Robstown fire and auto victims may soon get an unexpected bill after firefighters respond to calls.
The Robstown City Council unanimously adopted an ordinance on first reading Monday night allowing the Fire Department to bill for firefighting services and damaged equipment.
The ordinance must be approved again on second reading to be enacted.
Fire Chief Richard Gonzalez told the city council the ordinance would allow the Robstown Fire Department to bill for services as nearby departments do in Alice and Kingsville.
"What we're doing is coming up to the standards of other area departments," Gonzalez said. "The state allows us to bill insurance companies. We can't charge without an actual ordinance in place."
Gonzalez said a set of fire gear costs more than $1,000 and firefighters sometimes experience equipment damages. He said it's increasingly common for fire departments to bill for equipment losses and for responding to calls.
Gonzalez said the Robstown Fire Department would charge Nueces County for responses to county property, such as the Richard M. Borchard Regional Fairgrounds, which is inside Robstown city limits.
Other bills would be mailed to homeowners and auto owners with the hope of insurance companies paying the bills, Gonzalez said.
"If you don't have insurance to pay the bills, don't pay the bills," he said, adding later that Robstown Emergency Medical Services also bills for responses. "With this ordinance, we'll be able to charge the insurance company the whole bill."
Councilwoman Arlene Rodriguez asked if the Annaville Volunteer Fire Department, which frequently responds to the Robstown-area, would also bill for assisting Robstown firefighters with mutual aide.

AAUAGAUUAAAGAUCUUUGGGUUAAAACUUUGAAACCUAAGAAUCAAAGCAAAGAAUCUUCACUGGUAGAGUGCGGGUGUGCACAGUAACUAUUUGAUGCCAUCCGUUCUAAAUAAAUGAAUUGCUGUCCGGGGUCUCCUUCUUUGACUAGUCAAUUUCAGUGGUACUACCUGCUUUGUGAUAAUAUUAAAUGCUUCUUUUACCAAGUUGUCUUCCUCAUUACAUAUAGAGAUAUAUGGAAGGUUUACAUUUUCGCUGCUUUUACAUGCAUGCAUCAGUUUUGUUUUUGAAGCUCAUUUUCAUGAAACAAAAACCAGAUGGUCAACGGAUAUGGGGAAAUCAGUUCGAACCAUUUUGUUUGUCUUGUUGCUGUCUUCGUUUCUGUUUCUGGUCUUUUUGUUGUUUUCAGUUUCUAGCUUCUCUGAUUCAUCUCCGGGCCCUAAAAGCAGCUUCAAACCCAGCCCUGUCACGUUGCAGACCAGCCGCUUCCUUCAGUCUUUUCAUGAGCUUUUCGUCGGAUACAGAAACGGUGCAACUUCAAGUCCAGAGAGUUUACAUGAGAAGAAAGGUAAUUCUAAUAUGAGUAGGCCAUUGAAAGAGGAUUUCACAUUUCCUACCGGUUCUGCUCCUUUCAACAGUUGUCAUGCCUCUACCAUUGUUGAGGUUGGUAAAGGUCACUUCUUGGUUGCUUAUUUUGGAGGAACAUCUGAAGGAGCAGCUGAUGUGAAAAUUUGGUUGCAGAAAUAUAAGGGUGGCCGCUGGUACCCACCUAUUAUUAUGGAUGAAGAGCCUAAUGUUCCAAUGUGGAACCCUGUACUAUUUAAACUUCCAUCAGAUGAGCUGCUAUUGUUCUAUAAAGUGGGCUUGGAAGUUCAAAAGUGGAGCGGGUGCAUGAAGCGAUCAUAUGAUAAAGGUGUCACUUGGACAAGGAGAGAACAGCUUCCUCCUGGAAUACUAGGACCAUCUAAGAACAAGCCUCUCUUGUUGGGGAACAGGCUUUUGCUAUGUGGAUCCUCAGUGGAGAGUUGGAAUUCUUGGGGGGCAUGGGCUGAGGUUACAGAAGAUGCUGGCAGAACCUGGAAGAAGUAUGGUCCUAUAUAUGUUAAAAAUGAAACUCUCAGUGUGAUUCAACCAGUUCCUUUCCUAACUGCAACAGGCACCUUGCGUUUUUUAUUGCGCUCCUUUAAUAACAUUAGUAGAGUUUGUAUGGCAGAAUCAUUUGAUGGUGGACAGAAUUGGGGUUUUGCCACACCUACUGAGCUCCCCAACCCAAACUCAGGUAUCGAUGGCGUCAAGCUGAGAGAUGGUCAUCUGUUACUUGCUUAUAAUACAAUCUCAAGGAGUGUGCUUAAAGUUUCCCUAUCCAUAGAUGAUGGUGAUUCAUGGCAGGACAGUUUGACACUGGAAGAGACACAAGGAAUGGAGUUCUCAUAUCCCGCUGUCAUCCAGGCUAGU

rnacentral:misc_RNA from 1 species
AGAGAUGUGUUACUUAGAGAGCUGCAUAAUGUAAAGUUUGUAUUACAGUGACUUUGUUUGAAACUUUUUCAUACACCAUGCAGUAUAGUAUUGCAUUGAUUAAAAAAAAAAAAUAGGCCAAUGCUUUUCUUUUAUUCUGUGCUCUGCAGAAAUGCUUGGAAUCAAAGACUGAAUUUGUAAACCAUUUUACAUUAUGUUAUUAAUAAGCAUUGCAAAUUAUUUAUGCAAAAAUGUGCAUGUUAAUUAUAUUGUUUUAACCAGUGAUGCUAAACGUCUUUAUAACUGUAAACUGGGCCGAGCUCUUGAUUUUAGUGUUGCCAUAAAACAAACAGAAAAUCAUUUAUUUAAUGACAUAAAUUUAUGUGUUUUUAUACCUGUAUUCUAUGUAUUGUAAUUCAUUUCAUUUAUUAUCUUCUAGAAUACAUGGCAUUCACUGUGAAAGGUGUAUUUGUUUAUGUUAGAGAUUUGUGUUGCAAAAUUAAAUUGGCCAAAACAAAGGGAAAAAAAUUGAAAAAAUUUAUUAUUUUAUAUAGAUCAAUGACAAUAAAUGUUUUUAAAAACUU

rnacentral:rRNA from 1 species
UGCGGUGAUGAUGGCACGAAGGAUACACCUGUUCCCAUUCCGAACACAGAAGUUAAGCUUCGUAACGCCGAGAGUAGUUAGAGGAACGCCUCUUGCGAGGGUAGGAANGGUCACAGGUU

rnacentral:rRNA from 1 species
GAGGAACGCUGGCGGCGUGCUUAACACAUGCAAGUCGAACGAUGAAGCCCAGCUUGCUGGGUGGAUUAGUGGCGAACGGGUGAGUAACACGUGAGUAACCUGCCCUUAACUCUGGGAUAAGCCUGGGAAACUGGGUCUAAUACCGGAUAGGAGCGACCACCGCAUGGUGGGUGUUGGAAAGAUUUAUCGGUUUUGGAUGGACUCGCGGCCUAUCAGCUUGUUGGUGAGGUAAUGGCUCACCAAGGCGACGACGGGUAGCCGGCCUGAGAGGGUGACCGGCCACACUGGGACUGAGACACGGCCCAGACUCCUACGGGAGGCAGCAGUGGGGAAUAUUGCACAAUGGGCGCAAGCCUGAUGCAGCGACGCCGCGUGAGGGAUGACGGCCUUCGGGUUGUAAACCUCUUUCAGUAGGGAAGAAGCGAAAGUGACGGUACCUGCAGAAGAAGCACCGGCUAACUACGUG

Gonzalez said Annaville doesn't bill for mutual aide responses within Robstown's service area, but Annaville does charge for nearby responses, including billing a Robstown-area company after a recent response to its plant.
The ordinance providing for fire billing services says the city "shall assess and collect fees for certain services rendered by the fire department."
The council accepted a clerical change to include residential properties, instead of "excluding" them.
The ordinance says the fees for the use of personnel, equipment and supplies "shall be assessed and collected" when used in response to residential and commercial property fires, rescues or rescue attempts, vehicle fires, accidents and extrication from vehicles, traffic accidents involving hazardous materials and other fluid controls, and scene and safety control at incidents.
The ordinance establishes the specific fees.
A class A pumper would cost $450 an hour, a command unit would cost $250 an hour, and a rescue boat would cost $150 an hour.
Firefighters and fire inspectors would cost $35 an hour, a hazardous materials technician would cost $40 an hour, fire investigators would cost would cost $75 an hour, and a dive team would cost $200 an hour.
Latex gloves would cost $5, absorbent would cost $15 per bag, disposable goggles and brooms $20, and shovels would cost $50.
Firefighter gloves would cost $45, boots would cost $120, helmets would cost $350, and firefighting coats and pants $650 each.
Fees are also established for everything from foam and water by the gallon; fans, generators, air bags, chainsaws and other tools by the hour; barricade tape by the roll; sets of photos; cellular long-distance calls; and damaged ladders, brooms, hoses, nozzles and tools.